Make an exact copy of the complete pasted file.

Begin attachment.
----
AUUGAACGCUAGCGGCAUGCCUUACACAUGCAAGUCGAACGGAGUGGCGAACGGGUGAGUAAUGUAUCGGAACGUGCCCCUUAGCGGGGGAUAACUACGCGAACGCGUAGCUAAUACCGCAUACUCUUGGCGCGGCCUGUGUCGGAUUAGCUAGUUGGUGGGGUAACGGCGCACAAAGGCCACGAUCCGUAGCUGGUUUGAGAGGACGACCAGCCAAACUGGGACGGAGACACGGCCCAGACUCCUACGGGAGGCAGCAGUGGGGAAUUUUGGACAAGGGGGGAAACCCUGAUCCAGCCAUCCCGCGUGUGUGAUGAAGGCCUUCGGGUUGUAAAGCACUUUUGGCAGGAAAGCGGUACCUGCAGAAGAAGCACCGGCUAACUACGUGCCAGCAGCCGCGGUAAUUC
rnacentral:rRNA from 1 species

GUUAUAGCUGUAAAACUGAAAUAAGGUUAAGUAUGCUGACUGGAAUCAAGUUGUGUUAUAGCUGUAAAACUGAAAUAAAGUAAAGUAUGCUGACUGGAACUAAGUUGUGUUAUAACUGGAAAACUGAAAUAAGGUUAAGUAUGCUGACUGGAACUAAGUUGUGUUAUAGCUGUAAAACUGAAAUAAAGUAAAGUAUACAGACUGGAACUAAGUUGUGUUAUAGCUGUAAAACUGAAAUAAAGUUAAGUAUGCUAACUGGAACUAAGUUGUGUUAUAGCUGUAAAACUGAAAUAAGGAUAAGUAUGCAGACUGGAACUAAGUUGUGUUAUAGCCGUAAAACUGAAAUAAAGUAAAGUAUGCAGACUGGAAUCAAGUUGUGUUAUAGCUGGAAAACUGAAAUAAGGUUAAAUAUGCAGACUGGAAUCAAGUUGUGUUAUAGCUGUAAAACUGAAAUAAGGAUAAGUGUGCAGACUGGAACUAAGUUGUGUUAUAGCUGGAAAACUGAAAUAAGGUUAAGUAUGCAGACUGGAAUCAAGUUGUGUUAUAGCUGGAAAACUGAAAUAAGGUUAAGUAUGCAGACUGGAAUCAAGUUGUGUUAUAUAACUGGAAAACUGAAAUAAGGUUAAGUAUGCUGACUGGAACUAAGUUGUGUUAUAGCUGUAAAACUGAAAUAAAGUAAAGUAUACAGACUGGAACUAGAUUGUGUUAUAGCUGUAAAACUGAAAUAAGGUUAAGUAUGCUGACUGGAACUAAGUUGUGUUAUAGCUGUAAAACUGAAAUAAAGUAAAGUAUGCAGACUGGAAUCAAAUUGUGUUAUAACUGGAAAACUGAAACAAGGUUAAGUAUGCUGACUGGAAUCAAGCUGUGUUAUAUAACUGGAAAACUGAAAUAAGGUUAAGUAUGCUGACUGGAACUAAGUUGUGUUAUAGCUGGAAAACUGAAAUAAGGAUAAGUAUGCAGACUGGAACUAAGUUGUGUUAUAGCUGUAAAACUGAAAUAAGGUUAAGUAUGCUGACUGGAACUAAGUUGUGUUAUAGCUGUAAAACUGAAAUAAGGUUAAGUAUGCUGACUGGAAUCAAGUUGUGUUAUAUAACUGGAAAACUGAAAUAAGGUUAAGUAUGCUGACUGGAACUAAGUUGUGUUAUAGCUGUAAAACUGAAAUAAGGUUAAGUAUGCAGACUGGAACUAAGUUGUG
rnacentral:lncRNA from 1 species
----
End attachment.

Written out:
AUUGAACGCUAGCGGCAUGCCUUACACAUGCAAGUCGAACGGAGUGGCGAACGGGUGAGUAAUGUAUCGGAACGUGCCCCUUAGCGGGGGAUAACUACGCGAACGCGUAGCUAAUACCGCAUACUCUUGGCGCGGCCUGUGUCGGAUUAGCUAGUUGGUGGGGUAACGGCGCACAAAGGCCACGAUCCGUAGCUGGUUUGAGAGGACGACCAGCCAAACUGGGACGGAGACACGGCCCAGACUCCUACGGGAGGCAGCAGUGGGGAAUUUUGGACAAGGGGGGAAACCCUGAUCCAGCCAUCCCGCGUGUGUGAUGAAGGCCUUCGGGUUGUAAAGCACUUUUGGCAGGAAAGCGGUACCUGCAGAAGAAGCACCGGCUAACUACGUGCCAGCAGCCGCGGUAAUUC
rnacentral:rRNA from 1 species

GUUAUAGCUGUAAAACUGAAAUAAGGUUAAGUAUGCUGACUGGAAUCAAGUUGUGUUAUAGCUGUAAAACUGAAAUAAAGUAAAGUAUGCUGACUGGAACUAAGUUGUGUUAUAACUGGAAAACUGAAAUAAGGUUAAGUAUGCUGACUGGAACUAAGUUGUGUUAUAGCUGUAAAACUGAAAUAAAGUAAAGUAUACAGACUGGAACUAAGUUGUGUUAUAGCUGUAAAACUGAAAUAAAGUUAAGUAUGCUAACUGGAACUAAGUUGUGUUAUAGCUGUAAAACUGAAAUAAGGAUAAGUAUGCAGACUGGAACUAAGUUGUGUUAUAGCCGUAAAACUGAAAUAAAGUAAAGUAUGCAGACUGGAAUCAAGUUGUGUUAUAGCUGGAAAACUGAAAUAAGGUUAAAUAUGCAGACUGGAAUCAAGUUGUGUUAUAGCUGUAAAACUGAAAUAAGGAUAAGUGUGCAGACUGGAACUAAGUUGUGUUAUAGCUGGAAAACUGAAAUAAGGUUAAGUAUGCAGACUGGAAUCAAGUUGUGUUAUAGCUGGAAAACUGAAAUAAGGUUAAGUAUGCAGACUGGAAUCAAGUUGUGUUAUAUAACUGGAAAACUGAAAUAAGGUUAAGUAUGCUGACUGGAACUAAGUUGUGUUAUAGCUGUAAAACUGAAAUAAAGUAAAGUAUACAGACUGGAACUAGAUUGUGUUAUAGCUGUAAAACUGAAAUAAGGUUAAGUAUGCUGACUGGAACUAAGUUGUGUUAUAGCUGUAAAACUGAAAUAAAGUAAAGUAUGCAGACUGGAAUCAAAUUGUGUUAUAACUGGAAAACUGAAACAAGGUUAAGUAUGCUGACUGGAAUCAAGCUGUGUUAUAUAACUGGAAAACUGAAAUAAGGUUAAGUAUGCUGACUGGAACUAAGUUGUGUUAUAGCUGGAAAACUGAAAUAAGGAUAAGUAUGCAGACUGGAACUAAGUUGUGUUAUAGCUGUAAAACUGAAAUAAGGUUAAGUAUGCUGACUGGAACUAAGUUGUGUUAUAGCUGUAAAACUGAAAUAAGGUUAAGUAUGCUGACUGGAAUCAAGUUGUGUUAUAUAACUGGAAAACUGAAAUAAGGUUAAGUAUGCUGACUGGAACUAAGUUGUGUUAUAGCUGUAAAACUGAAAUAAGGUUAAGUAUGCAGACUGGAACUAAGUUGUG
rnacentral:lncRNA from 1 species